24 Hours to Remember

Who’s afraid of the 24 hours?

Anyone who belittles the p65 people should see Fredric Fanthome’s defense of the 24 hours of political silence prior to Election Day:

One argument [against the rule] being touted is that the fact that political broadcasts and news reports are allowed is unfair as the media is “in the hands of the government”. Well, if we assume that is the case, then by the same measure, the population will disregard anything the media puts out in that period, and moreover, it would actually be incensed by any blatant misuse of the media – and hence vote against the PAP rather than for it.

An excellent piece of rhetoric that simply works in Singapore. Because too many Singaporeans are not  as the above argument implies they are.

I have never seen anyone else take every Singaporean (or every person of any other nationality for that matter) to be so sophisticated that s/he is able to distill subtle political messages from seemingly innocuous news coverage, and attribute it to governmental control over the media, and hence vote against the PAP. (Hey, is that last bit not a tad irrational?) If  Singaporeans were so sophisticated, Fanthome should not even be attempting such a defense. And he should be able to come up with a more sophisticated defense. If Singaporeans are so sophisticated, they would also be discerning during the nine or more days of rallying by various political parties and would not need a day to cool down and think rationally, so maybe the new rule should be ditched.

But perhaps the 24 hours does not matter. Or it need not. It is not the 24 hours of virtual silence from political parties, but what the people have been told to do that matters.

As a general observation, whenever the PAP appeals to rationality, it is merely telling people to think silly. It is telling people not to be political. For the PAP can only thrive when Singaporeans are completely politicized by having their political nature suppressed. Be rational: forget about all those little inconveniences of your existence and compromise in the PAP’s favor for you know not what might befall you if the PAP does not have your favor. If you fail to persuade yourself to generate reluctant complicity with the PAP, Dr-acula Chee might appear at midnight and suck 7% of your blood and murder your domestic worker because she is not local, the ghost of Jeyaretnam might pay you a minimum wage and cause you to lose your job. Low Thia Kiang might defile your potential saviors, and Chiam See Tong devalue your expensive HDB flat. Heaven’s wrath will send floods to your doorstep and drown your car together with your COE. (Freak floods for freak election results, anyone?)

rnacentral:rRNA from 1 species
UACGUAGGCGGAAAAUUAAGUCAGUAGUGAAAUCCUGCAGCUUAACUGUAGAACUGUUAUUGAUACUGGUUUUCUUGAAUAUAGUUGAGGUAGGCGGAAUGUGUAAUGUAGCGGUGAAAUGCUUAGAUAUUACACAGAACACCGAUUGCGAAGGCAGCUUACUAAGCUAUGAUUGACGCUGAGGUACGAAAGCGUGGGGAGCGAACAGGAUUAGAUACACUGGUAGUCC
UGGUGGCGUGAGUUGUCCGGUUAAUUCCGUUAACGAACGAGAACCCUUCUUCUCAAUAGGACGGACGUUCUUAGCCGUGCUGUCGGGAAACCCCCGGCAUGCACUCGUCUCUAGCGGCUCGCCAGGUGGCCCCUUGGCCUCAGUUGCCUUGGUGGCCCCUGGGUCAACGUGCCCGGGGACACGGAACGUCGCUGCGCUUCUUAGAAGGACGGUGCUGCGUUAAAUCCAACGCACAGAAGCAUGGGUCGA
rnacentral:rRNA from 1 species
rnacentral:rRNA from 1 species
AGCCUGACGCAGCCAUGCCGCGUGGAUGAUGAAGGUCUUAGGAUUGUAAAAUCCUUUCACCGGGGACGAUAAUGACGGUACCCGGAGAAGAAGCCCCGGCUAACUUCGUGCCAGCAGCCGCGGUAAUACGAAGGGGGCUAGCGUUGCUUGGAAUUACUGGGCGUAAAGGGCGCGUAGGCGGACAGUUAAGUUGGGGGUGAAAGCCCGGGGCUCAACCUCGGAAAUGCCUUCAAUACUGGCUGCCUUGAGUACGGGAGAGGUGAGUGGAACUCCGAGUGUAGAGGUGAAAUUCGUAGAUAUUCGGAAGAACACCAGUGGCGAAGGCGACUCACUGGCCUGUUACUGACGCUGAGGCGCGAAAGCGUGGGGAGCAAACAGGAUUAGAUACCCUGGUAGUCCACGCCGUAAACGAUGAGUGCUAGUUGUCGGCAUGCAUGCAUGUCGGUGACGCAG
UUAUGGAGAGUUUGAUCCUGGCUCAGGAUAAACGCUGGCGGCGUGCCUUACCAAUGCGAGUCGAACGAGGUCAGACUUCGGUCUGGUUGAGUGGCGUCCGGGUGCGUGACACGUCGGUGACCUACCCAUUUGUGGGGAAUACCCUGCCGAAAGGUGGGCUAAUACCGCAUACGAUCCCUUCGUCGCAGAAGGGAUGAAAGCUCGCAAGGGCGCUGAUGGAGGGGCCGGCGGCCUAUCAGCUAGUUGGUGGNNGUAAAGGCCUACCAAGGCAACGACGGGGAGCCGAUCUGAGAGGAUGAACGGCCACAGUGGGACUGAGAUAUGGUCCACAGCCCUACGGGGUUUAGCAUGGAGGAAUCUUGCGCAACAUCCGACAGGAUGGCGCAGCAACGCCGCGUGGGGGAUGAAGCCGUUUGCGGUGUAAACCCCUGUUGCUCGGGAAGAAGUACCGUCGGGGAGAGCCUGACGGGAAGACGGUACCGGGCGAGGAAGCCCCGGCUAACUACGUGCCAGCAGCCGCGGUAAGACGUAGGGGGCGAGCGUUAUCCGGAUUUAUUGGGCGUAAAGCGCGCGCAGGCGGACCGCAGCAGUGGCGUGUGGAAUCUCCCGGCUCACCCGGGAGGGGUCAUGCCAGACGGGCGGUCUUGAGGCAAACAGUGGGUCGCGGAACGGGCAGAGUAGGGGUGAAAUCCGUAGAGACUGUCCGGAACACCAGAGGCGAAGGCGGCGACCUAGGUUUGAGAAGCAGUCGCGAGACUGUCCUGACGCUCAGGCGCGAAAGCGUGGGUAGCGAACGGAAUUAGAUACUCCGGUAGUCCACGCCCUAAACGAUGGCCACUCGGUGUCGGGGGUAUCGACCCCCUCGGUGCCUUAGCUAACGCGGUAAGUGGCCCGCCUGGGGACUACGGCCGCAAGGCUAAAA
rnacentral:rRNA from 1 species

Are we being told to be rational or being told to fear? One cheap tactic that always works in horror films: get the audience to scare themselves; it is the best solution when the filmmaker only has puerile antics that will not really scare people. Let people scare themselves silly. And silly is the key word.

When we are being told to be rational, we are being told to be irrational and everyone should understand the rationality of this seemingly irrational statement.

24 hours to be irrational. 24 hours to scare ourselves. But we can always choose how we want to be (ir)rational.

Let it be a day of memory.

Remember the expensive people who tell us to be cheaper.

Remember who spoiled our Mee Siam with cockles.

Remember who tells us not to politicize lifts but try to buy our votes with lifts.

Remember the Frankenstein behind every oppositional monster spun with the demonic threads of a crippled press.

Remember who promised to help the poor and created a lot of poor people needing help.

Remember the Public Order Act that does not allow you to show your cancerous dissent alone.

Remember more, more than I can.

Remember who forced 24 hours down your throat, telling you to remember.

Remember to remind others to remember.

Remember the 24 hours. Remember during the 24 hours.

Never forget (yourself).

%d bloggers like this: